Interviews with Brogan and a short biography describing her as a ‘holistic psychiatrist’ were also published on Goop’s website.

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Now it appears that Goop has finally had enough of Brogan. Her two interviews, “How we can learn to tolerate emotional pain” and “The roots of mental health — maybe they’re not in our heads,” both containing dubious medical health claims, have been scrubbed from the site. Her biography has also been removed.

It’s unclear when Goop took down Brogan’s content. But that content was still available on Goop’s website as recently as July, according to information gleaned from the Wayback Machine, which archives web pages.

Here’s what you’ll see if you try to visit Brogan’s biography today:

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Cambridge Analytica-Linked Data Company Behind Trump Phone-Canvassing Campaign

GOP-funded websites managed by data-mining firm Bridgetree, Inc. allowed users to canvass for Trump in key states such as Pennsylvania.

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In an effort to rally support for incumbent Donald J. Trump in the lead-up to election day, the Republican National Committee hired a data-harvesting firm whose services were once sought by Cambridge Analytica, the disgraced U.K. political consulting company behind Trump’s 2016 electoral campaign.

Bridgetree, Inc., based in Fort Mill, South Carolina, has been driving votes for Trump in battleground states going back as far as April this year, via the websites TrumpTalk.gop and TrumpTalk20.gop. The sites allowed users to “make calls to Americans across our great country” by “[turning] your computer into a anonymous phone system,” according to a Facebook post by Edwin Boyette, Vice Chair of Communications for the Hawaii Republican Party.

Once logged in, users were given access to a database of voter information (including full names, phone numbers, and addresses), then instructed to call voters to ask them to vote for Trump using scripted questions, such as “can President Trump […] count on you to vote early?” and “will you commit [to] vote absentee for President Trump?” Calls could be placed automatically from one voter to the next using the communications system LiveVox, with seemingly no oversight.

The sites were “Paid for by the Republican National Committee,” and directed users to “please contact us at gophelp@bridgetree.com.”

Here is a video tutorial by Bridgetree explaining the process for calling voters:

Bridgetree’s association with the two Trump Talk sites was first highlighted in a Twitter thread by disinformation researcher @DivestTrump. Bridgetree’s “advertised focus,” @DivestTrump notes, was “Operation Keystone,” a “massive grassroots […] phone-banking effort” in which “the fate of Pennsylvania” was said to “[hang] between the raging forces of good and the evil communists,” according to a pseudonymous post on TheDonald.win, named after the recently banned subreddit.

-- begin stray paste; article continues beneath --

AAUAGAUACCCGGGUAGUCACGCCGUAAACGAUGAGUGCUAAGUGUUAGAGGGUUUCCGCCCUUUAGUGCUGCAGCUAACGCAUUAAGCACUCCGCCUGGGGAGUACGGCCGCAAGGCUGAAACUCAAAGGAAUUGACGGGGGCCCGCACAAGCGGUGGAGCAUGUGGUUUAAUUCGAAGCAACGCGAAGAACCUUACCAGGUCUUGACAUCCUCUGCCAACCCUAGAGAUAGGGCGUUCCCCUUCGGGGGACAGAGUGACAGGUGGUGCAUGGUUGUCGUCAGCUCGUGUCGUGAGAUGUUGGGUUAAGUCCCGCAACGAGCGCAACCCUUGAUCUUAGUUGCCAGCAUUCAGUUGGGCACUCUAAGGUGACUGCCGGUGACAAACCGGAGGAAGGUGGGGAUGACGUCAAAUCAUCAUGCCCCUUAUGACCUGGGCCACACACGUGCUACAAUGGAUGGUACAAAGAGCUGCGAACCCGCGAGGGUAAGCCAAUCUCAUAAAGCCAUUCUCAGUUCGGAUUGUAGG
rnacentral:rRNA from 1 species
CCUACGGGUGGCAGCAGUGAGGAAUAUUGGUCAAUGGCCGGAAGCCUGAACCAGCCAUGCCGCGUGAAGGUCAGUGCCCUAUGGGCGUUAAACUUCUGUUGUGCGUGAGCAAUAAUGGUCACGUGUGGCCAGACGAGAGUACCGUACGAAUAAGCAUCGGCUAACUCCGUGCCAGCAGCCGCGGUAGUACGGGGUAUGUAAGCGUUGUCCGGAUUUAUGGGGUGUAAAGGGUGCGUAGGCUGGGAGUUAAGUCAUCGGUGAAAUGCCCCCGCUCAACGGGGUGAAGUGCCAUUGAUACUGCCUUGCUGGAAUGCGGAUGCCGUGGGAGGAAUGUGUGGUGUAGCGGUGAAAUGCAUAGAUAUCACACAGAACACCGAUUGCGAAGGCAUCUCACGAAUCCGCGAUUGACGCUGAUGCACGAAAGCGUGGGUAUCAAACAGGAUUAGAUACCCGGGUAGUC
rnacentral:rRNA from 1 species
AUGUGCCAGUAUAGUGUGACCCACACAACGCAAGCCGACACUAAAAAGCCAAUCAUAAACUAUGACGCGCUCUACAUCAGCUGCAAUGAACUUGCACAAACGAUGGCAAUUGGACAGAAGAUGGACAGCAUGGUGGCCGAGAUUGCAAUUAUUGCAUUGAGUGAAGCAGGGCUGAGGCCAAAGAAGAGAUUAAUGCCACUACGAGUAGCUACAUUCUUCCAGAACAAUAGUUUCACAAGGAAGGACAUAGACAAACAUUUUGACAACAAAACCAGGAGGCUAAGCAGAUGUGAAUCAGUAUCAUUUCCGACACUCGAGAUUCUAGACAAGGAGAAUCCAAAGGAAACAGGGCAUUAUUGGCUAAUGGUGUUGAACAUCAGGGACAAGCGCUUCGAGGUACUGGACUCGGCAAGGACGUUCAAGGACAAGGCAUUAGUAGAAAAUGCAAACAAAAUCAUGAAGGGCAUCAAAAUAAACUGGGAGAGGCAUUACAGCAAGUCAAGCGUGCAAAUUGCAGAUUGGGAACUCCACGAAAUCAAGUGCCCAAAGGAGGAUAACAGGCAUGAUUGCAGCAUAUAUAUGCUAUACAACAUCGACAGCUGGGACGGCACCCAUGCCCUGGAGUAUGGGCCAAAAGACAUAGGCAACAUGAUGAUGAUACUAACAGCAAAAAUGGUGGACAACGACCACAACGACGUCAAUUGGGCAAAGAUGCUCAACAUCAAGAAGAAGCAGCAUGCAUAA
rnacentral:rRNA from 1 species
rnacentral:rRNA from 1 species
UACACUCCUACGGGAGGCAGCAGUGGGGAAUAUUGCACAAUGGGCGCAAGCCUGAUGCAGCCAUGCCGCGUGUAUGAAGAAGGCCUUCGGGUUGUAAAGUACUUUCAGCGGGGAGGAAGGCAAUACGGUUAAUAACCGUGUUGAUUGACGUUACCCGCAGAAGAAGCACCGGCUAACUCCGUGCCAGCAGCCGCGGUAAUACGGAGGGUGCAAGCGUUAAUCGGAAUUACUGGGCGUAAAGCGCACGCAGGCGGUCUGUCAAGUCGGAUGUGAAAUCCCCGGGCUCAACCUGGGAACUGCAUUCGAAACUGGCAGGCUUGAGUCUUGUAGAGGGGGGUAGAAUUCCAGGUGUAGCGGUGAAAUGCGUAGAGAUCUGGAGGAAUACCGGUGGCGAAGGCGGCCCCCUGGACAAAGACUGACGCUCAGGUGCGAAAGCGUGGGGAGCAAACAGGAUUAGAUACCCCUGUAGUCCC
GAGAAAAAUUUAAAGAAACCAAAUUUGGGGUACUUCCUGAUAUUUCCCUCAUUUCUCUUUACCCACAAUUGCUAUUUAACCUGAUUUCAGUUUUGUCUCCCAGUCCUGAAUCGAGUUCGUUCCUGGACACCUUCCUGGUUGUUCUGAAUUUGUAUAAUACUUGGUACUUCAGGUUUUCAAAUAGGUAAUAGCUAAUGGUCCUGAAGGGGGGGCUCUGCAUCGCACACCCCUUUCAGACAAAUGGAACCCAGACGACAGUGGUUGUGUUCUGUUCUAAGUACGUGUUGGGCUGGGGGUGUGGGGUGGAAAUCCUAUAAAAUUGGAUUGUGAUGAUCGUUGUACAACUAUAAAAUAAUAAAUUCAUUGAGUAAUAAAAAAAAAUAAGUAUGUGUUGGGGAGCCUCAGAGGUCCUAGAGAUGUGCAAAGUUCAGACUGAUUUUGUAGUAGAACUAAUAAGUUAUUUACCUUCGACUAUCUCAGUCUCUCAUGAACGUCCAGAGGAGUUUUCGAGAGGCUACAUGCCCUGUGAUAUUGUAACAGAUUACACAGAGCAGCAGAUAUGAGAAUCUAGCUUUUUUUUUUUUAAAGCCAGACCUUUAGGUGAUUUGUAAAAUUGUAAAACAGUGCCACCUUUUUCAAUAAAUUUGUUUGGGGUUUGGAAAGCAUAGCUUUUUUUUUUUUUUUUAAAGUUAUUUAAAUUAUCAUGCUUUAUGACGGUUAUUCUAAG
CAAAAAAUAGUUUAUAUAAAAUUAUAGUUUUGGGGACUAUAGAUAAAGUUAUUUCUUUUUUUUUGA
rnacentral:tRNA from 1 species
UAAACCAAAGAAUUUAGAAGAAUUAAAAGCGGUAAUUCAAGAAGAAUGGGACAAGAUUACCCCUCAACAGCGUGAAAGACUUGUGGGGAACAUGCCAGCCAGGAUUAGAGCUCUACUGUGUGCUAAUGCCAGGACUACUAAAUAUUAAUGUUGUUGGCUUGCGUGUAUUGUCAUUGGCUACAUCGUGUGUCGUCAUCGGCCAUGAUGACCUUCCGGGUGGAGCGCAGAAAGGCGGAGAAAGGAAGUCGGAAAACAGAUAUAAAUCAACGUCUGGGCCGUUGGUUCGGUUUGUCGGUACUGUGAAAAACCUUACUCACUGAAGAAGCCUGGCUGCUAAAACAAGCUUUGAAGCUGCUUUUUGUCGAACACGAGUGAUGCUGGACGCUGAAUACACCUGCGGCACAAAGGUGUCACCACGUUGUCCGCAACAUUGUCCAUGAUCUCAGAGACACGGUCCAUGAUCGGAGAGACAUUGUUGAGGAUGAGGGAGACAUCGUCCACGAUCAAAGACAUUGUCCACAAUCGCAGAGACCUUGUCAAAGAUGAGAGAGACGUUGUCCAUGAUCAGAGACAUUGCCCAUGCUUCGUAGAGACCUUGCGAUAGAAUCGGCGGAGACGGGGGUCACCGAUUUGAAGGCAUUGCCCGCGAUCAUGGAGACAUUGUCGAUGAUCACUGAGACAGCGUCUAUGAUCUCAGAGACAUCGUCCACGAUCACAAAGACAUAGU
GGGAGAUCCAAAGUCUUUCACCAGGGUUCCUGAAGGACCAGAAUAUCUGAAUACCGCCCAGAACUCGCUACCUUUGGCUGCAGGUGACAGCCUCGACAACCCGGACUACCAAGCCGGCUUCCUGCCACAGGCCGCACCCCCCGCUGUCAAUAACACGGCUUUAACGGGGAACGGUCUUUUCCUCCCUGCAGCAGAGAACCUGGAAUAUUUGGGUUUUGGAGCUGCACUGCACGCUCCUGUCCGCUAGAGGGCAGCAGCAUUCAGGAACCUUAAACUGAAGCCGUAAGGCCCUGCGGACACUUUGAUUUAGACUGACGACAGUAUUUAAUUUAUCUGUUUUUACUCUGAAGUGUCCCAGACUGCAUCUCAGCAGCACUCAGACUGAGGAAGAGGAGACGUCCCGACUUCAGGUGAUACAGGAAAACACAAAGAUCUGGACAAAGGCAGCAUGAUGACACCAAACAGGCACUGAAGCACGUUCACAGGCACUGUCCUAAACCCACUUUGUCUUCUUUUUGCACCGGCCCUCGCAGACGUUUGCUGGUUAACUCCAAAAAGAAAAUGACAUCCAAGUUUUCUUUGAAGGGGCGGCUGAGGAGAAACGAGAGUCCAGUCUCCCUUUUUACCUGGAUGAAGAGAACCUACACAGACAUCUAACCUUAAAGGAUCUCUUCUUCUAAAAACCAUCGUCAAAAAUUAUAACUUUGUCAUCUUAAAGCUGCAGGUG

As of publication, Biden is leading in Pennsylvania with a clear path to the presidency.

Services listed on Bridgetree’s site include “NextGen microtargeting” and “data acquisition,” which involves “[multi-sourcing, combining and scraping data] in a unique manner that delivers the most accurate, robust and relevant information to deliver optimal results.” “Operation Keystone” is not listed among the site’s case studies.

A poorly reviewed app version of the Trump Talk service is currently available to download on the Google Play store. The app’s developers are listed as Bridgetree and Advantage, Inc., a Republican strategy firm based in Alexandria, VA, which has published an instruction manual on how to use the Trump Talk service.

Here are promotional screenshots of the app in action:

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Bridgetree’s association with Cambridge Analytica was brought to light in emails leaked by Brittany Kaiser, Cambridge Analytica’s former business development director. In one email dated February 2, 2016, Bridgetree’s business development manager Tom Boschwitz told Cambridge Analytica he could provide data scraped from Facebook and other sources in service of Ted Cruz’s 2016 failed presidential bid. The recipient of that email, Matt Oczkowski — then Cambridge Analytica’s head of product — joined Trump’s 2020 campaign earlier this year.

Cambridge Analytica’s shady tactics in support of Trump’s 2016 campaign were exposed in an undercover investigation by Britain’s Channel 4, which determined that the company had scraped data from millions of profiles without users’ consent. The company later pleaded guilty to violating U.K. data laws.

Danny Trejo Recruited in Russian Propaganda Campaign

Trejo is the latest Hollywood celebrity to make headlines in Russia after recording a video in support of a notorious Russian political operative. The celebrities are seemingly being recruited through the pay-for-videos site Cameo.